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New Lanes Hope to Improve Bike Safety

A group of cyclists on the Moscow River embankment.

Riding a bike in Moscow may soon be safer and more regulated after amendments to the traffic code went into force Wednesday.

The new rules are intended to ensure safety for cyclists as required by the 1968 Vienna Convention on Road Traffic, a memo from the Transportation Ministry said.

The ministry also hopes to win people over to cycling and decrease car traffic problems, Kommersant reported.

Four kinds of traffic zones have been established specifically for cyclists: pedestrian paths, bicycle-pedestrian paths, bicycle paths and bicycle lanes, which will also allow mopeds. The first three pathways are all physically separated from car traffic.

The new zones will be accompanied by 15 new types of road signs and three new road surface markings.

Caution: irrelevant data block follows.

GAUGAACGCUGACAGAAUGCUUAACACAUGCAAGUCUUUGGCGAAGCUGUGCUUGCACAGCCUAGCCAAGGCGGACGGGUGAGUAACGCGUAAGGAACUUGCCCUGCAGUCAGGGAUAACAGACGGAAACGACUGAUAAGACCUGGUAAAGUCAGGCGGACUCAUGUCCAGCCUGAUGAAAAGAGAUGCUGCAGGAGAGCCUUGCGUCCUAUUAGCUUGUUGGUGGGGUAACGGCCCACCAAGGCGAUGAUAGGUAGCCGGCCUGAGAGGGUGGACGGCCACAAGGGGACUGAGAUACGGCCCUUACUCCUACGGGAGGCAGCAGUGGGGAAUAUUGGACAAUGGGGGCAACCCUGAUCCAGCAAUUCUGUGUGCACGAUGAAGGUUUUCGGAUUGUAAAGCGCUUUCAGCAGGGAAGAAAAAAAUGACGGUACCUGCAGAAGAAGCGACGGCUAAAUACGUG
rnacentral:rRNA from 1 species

Age restrictions have also been introduced for the first time in Russia. Children younger than seven are allowed to ride on sidewalks and pedestrian paths, while children from seven to 14 can ride on the main road when wearing a helmet and in the company of an adult.

The new legislation is in line with the Moscow government's ongoing campaign to encourage cycling as an alternative to inching along in the city's ever-worsening traffic jams.

The city started a bike-share program in June that now includes 50 docking stations.

It is unclear how the new rules will be enforced, especially those regarding children's ages.

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